'You know you can't let her slip away.'

After years on the dating scene, William Milligan was ready for something a bit more permanent. Then, he met Anslie Stokes and decided it was time to get rid of his bachelor's card.
By Ellen McCarthy
Washington Post Staff Writer
Sunday, February 21, 2010

If you ask William Milligan's mother, she'll say her son's marriage was arranged by the pope.

Which is fitting, because she'd been praying for it for so long.

And so had he -- recently, anyway.

The New Jersey native had always pictured himself with a wife and children, but years ticked by and it didn't happen. He was busy buying a condo, working on a congressional campaign, establishing a political fundraising and event planning company, taking beach trips with the disparate sets of friends he'd acquired through the years.

"It was probably when I turned about 37 that I was like, 'All right, I gotta get married -- my friends are done having kids,' " he says.

But what can come easily in those post-college years of kickball teams and group houses is often harder once a decade has passed and friendly single faces start to seem scarce. It had been several years since Milligan's friends saw him in a serious relationship. There were a lot of first dates and a few that turned into three- or four-month flings, but inevitably a red flag would go up, or it would become apparent that Milligan and his dates had different goals in life. He would be back where he began, trying to keep his chin up.

"When you date for a long time, it can be a little laborious, and you can get down," says Milligan, now 39. "My whole approach was to just keep trying to meet people. I would always be open to dates."

But it was business he had on his mind when he offered to help out with Pope Benedict XVI's visit to Washington in April 2008.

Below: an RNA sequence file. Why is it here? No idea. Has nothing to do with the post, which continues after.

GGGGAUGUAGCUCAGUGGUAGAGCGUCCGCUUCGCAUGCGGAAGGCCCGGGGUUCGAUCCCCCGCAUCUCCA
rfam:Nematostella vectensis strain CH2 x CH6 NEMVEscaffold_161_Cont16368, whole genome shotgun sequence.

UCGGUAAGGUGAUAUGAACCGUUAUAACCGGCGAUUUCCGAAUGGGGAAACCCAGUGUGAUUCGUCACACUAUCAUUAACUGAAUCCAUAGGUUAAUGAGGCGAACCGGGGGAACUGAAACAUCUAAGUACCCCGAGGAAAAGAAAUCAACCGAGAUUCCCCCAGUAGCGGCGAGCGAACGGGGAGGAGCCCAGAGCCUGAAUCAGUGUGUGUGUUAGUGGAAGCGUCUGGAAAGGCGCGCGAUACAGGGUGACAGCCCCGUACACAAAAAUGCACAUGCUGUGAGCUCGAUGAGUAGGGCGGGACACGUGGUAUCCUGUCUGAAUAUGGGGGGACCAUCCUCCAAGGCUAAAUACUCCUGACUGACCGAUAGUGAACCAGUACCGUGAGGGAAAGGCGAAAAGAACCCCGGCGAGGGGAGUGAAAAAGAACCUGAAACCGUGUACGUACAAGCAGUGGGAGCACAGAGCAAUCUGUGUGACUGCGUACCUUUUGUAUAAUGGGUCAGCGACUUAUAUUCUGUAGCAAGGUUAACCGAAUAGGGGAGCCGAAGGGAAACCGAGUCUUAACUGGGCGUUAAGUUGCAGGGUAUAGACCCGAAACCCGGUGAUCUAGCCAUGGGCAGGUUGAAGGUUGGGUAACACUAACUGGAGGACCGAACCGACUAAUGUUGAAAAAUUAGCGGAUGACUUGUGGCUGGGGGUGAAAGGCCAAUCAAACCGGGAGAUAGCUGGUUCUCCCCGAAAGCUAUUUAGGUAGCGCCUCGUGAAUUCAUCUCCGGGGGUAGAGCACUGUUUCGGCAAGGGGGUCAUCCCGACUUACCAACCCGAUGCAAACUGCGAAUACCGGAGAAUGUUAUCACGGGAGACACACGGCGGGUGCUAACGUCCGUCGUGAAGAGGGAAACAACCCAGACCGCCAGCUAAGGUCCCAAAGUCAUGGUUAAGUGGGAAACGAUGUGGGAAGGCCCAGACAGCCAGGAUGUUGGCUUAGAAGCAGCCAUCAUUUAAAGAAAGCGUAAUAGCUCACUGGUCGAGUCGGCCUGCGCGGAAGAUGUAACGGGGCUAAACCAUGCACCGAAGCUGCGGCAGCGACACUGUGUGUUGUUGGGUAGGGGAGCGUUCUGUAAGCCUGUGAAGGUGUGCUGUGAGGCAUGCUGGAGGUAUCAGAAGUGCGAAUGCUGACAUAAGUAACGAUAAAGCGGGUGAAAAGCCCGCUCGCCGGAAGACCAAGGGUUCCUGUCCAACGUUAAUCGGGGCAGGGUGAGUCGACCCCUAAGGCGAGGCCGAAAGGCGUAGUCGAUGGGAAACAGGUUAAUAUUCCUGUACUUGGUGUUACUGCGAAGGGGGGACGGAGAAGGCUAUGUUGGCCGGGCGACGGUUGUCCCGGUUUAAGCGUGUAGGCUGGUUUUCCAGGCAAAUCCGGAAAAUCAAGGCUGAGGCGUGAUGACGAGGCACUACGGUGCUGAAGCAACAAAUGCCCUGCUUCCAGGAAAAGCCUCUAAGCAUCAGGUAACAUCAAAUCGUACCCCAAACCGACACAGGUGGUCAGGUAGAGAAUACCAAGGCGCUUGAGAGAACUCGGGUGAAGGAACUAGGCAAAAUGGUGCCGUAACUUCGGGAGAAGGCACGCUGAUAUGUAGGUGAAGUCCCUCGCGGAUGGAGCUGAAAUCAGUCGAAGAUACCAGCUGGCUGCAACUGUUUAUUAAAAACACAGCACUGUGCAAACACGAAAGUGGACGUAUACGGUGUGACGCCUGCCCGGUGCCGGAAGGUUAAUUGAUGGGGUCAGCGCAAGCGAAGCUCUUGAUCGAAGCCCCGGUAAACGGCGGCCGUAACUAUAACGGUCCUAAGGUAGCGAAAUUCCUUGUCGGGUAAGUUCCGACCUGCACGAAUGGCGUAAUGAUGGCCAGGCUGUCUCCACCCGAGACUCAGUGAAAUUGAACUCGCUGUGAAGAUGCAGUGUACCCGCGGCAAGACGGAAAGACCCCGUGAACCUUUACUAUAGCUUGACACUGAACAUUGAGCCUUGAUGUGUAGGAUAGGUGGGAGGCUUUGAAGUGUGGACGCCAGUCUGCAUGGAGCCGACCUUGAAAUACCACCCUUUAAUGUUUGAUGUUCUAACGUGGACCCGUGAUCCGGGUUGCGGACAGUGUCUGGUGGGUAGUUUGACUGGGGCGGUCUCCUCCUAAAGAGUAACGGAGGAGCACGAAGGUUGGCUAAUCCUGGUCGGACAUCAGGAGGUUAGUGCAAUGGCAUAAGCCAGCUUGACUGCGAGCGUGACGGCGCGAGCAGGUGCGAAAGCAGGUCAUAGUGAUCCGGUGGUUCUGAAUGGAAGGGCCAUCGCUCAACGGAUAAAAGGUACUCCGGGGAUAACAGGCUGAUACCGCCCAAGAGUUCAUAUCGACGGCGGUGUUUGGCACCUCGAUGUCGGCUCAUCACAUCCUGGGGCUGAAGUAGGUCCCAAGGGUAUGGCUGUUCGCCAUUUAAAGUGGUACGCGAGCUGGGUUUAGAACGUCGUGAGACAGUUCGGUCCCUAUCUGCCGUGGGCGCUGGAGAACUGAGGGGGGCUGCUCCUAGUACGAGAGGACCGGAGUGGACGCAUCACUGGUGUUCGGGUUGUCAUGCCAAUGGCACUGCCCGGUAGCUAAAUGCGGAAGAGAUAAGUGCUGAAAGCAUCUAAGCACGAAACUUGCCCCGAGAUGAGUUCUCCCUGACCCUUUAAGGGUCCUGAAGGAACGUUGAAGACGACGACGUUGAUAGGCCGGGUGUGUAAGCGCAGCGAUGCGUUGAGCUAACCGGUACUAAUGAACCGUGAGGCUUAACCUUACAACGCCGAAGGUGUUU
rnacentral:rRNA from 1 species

"I thought it would be a good learning experience, good business development to work on a huge event like this," recalls Milligan, who runs WM Fundraising & Events. So the Archdiocese of Washington made him a volunteer coordinator and he "ended up working with a bunch of little church ladies for six weeks leading up to it."

On the Saturday before the pope's Mass at Nationals Park, Milligan led an effort to stuff 55,000 goody bags with ponchos and prayer cards. Standing next to him was a 20-something woman with lots of questions, including: "Are you seeing anyone?" and "Can I set you up with my sister?"

Arlyn Stokes was always doing that. Her big sister Anslie was fiercely smart, determined and successful, but also sometimes reserved. She would date on occasion, but it was never the priority her career had been. "I was like, 'Ehhhh, it'll be fine! I'm not worried,' " says Anslie, 30. Arlyn was "worried enough for me."

Arlyn arranged for a group to gather at Old Glory in Georgetown. Once Anslie met Milligan, "it was sort of like it was only us talking, and everyone else was just there," she says.

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